Table 3 presents the rotated matrix of the principal components, after applying the Varimax normalized variation method, which helps identify the most powerful correlations between the initial data and the principal components.
The first principal component (PC1) explains 40.1% of the total variance of the initial data and is strongly correlated with: maternal mortality rate, infant mortality rate, mortality rate attributable to cardiovascular disease, cancer, diabetes or chronic respiratory disease, tuberculosis incidence to 100,000 and the incidence of fatal accidents at work. Practically, the PC1 is an element describing the health status of the population, mainly based on mortality rates at birth, by types of diseases or by fatal accidents at workplace respectively.
The second principal component (PC2) explains 22.1% of the total variance of the initial data and is strongly correlated with total fertility rate, the number of nurses and midwives per 100,000 inhabitants and the prevalence of current consumption of tobacco among people aged 15 and over, indicating information on issues related mainly to population fertility, incidence of tobacco use, and the number of nurses and midwives available to ensure adequate care.
The third principal component (PC3) explains 11% of the total variance of the initial data and is strongly correlated with indicators of the supply of medical services: the number of doctors per 100,000 inhabitants, the number of dentists per 100,000 inhabitants and the indicator of individuals’ perception on unmet medical service due to high costs. Thus, we can say that PC3 is reflecting the supply level of medical services and the accessibility degree of these services.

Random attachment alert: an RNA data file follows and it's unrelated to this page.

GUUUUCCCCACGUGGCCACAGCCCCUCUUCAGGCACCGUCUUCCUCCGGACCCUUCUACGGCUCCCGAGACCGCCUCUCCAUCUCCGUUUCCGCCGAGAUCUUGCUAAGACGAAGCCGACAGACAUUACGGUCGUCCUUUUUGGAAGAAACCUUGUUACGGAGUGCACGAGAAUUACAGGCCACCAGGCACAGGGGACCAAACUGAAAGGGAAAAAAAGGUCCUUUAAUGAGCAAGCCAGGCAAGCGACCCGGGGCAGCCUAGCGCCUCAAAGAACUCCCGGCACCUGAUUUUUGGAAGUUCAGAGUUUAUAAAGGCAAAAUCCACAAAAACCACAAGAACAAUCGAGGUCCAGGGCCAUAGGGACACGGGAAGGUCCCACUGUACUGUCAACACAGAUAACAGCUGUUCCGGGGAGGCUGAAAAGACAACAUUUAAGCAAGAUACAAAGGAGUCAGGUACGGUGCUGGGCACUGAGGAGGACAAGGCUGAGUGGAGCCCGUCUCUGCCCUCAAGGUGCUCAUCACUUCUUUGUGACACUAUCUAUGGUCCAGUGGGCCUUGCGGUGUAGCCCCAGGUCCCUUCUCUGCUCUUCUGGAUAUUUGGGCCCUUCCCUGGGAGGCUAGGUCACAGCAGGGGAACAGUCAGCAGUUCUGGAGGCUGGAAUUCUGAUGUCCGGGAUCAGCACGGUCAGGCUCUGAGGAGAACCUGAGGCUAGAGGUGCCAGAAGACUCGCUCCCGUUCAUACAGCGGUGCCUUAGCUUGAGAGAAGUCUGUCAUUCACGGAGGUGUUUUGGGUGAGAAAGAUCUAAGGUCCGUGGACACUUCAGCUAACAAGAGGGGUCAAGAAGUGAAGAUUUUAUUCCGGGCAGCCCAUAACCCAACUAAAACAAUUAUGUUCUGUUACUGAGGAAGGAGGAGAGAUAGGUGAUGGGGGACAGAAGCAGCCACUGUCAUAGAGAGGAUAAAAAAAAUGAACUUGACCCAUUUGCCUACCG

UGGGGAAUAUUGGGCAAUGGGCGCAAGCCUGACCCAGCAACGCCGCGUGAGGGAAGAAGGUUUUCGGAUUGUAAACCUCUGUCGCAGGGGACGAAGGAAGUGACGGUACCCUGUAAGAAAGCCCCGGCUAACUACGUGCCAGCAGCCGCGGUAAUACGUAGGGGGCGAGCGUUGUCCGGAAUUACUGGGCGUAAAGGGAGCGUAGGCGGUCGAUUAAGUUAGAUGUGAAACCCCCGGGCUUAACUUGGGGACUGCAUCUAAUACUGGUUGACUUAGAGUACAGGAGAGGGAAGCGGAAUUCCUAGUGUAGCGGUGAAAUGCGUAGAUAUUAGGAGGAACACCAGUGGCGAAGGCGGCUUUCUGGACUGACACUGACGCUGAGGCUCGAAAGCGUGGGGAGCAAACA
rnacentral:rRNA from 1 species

The non-standardized health system performance index is obtained as follows:
HEALTH _ INDEX   =   40.14 73.26 C P 1 +   22.10 73.26 C P 2 + 11.02 73.26 C P 3 = 0.548 · C P 1 + 0.302 · C P 2 + 0.150 · C P 3  
Considering then the weights and the direction in which the variables contribute to the identification of a composite indicator of the health system performance at the EU country level, the following variables were included with the minus sign in the calculation of the composite index:
Maternal mortality rate.
Infant mortality rate.
Incidence of tuberculosis per 100,000 inhabitants.
Mortality rate attributable to cardiovascular disease, cancer, diabetes or chronic respiratory disease.
Prevalence of current tobacco consumption among people aged 15 and over.
Incidence rate of fatal accidents at work.
Self-reported unmet needs for medical examination (too expensive).
The list of the EU countries on the basis of the composite index that measures the health systems performance for the year 2015 is shown in Appendix B, Figure A1.
For the ease of interpretation of country values through the use of percentages between 0 and 100, the composite index was then transformed using the percentile rank method in SPSS, following the approach proposed in [49].